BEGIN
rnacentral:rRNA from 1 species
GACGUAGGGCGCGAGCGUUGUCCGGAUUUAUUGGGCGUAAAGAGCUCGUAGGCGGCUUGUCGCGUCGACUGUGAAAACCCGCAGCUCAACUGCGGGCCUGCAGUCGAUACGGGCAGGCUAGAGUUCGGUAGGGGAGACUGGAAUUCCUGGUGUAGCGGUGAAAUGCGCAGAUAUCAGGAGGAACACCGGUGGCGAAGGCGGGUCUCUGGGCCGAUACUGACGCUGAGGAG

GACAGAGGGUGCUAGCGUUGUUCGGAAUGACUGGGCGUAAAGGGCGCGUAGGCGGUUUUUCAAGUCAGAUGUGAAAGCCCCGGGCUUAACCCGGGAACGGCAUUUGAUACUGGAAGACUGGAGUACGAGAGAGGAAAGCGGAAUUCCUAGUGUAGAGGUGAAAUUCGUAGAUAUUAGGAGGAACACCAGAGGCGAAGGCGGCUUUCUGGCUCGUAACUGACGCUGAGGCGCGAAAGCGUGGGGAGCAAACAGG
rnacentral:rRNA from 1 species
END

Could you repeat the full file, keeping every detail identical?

rnacentral:rRNA from 1 species
GACGUAGGGCGCGAGCGUUGUCCGGAUUUAUUGGGCGUAAAGAGCUCGUAGGCGGCUUGUCGCGUCGACUGUGAAAACCCGCAGCUCAACUGCGGGCCUGCAGUCGAUACGGGCAGGCUAGAGUUCGGUAGGGGAGACUGGAAUUCCUGGUGUAGCGGUGAAAUGCGCAGAUAUCAGGAGGAACACCGGUGGCGAAGGCGGGUCUCUGGGCCGAUACUGACGCUGAGGAG

GACAGAGGGUGCUAGCGUUGUUCGGAAUGACUGGGCGUAAAGGGCGCGUAGGCGGUUUUUCAAGUCAGAUGUGAAAGCCCCGGGCUUAACCCGGGAACGGCAUUUGAUACUGGAAGACUGGAGUACGAGAGAGGAAAGCGGAAUUCCUAGUGUAGAGGUGAAAUUCGUAGAUAUUAGGAGGAACACCAGAGGCGAAGGCGGCUUUCUGGCUCGUAACUGACGCUGAGGCGCGAAAGCGUGGGGAGCAAACAGG
rnacentral:rRNA from 1 species